When the job market gets hot, as it is now, it’s easy to look around and decide that it’s time to move on to someplace new. The days are long past when companies treated employees as a community to whom they owed reasonable constancy and when employees felt a sense of loyalty in return. So the traditional emotional barriers to exiting a job or organization are quite low. And the financial constraints are relatively small as well. We are lucky enough to work in an industry where pay is relatively good and most practitioners are not living paycheck to paycheck, so quitting is not as big a risk as it might be in other professions.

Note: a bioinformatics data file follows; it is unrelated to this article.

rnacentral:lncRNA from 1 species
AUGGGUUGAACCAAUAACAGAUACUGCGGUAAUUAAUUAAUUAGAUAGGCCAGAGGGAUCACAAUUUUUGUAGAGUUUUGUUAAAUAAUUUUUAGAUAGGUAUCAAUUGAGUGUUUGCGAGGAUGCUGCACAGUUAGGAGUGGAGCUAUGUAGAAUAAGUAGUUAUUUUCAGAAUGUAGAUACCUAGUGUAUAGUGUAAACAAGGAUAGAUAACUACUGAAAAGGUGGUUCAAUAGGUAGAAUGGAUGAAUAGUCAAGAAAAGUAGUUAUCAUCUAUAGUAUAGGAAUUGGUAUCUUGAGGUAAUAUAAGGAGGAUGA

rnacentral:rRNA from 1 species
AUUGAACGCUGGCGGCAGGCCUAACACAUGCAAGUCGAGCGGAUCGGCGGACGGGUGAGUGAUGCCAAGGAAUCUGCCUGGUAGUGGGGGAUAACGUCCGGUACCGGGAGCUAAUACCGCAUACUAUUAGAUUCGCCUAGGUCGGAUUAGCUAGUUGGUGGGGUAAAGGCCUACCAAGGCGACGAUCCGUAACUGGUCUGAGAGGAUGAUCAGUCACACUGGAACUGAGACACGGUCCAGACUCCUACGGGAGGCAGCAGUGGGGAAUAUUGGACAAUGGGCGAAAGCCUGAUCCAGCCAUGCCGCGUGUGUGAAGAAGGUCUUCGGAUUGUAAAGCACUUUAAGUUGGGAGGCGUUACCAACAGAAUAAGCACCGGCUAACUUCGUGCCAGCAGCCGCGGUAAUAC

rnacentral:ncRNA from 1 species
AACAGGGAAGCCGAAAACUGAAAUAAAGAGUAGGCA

But this doesn’t mean that just because you can easily go somewhere else, you should. Too often people who are frustrated with their current tasks, peers or supervisor quit on impulse, whether they have anything new lined up or not. Millennials have the reputation of being unusually prone to quitting when things don’t go their way. (Whether that reputation is deserved or not I’ll leave to academic researchers.)